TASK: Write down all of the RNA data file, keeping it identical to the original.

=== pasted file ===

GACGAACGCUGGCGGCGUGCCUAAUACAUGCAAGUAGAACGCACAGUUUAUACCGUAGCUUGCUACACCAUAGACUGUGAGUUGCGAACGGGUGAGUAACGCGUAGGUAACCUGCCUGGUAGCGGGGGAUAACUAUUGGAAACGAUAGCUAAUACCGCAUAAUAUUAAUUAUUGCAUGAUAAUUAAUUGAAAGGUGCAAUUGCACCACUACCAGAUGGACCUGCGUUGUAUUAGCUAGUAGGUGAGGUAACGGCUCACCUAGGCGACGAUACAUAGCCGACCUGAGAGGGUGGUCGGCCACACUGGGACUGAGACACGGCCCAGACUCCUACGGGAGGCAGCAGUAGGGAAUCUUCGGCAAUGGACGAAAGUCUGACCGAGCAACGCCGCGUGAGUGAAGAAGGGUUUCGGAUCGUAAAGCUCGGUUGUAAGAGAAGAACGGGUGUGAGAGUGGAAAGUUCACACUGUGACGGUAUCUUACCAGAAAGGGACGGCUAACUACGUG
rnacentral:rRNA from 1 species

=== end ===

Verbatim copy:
GACGAACGCUGGCGGCGUGCCUAAUACAUGCAAGUAGAACGCACAGUUUAUACCGUAGCUUGCUACACCAUAGACUGUGAGUUGCGAACGGGUGAGUAACGCGUAGGUAACCUGCCUGGUAGCGGGGGAUAACUAUUGGAAACGAUAGCUAAUACCGCAUAAUAUUAAUUAUUGCAUGAUAAUUAAUUGAAAGGUGCAAUUGCACCACUACCAGAUGGACCUGCGUUGUAUUAGCUAGUAGGUGAGGUAACGGCUCACCUAGGCGACGAUACAUAGCCGACCUGAGAGGGUGGUCGGCCACACUGGGACUGAGACACGGCCCAGACUCCUACGGGAGGCAGCAGUAGGGAAUCUUCGGCAAUGGACGAAAGUCUGACCGAGCAACGCCGCGUGAGUGAAGAAGGGUUUCGGAUCGUAAAGCUCGGUUGUAAGAGAAGAACGGGUGUGAGAGUGGAAAGUUCACACUGUGACGGUAUCUUACCAGAAAGGGACGGCUAACUACGUG
rnacentral:rRNA from 1 species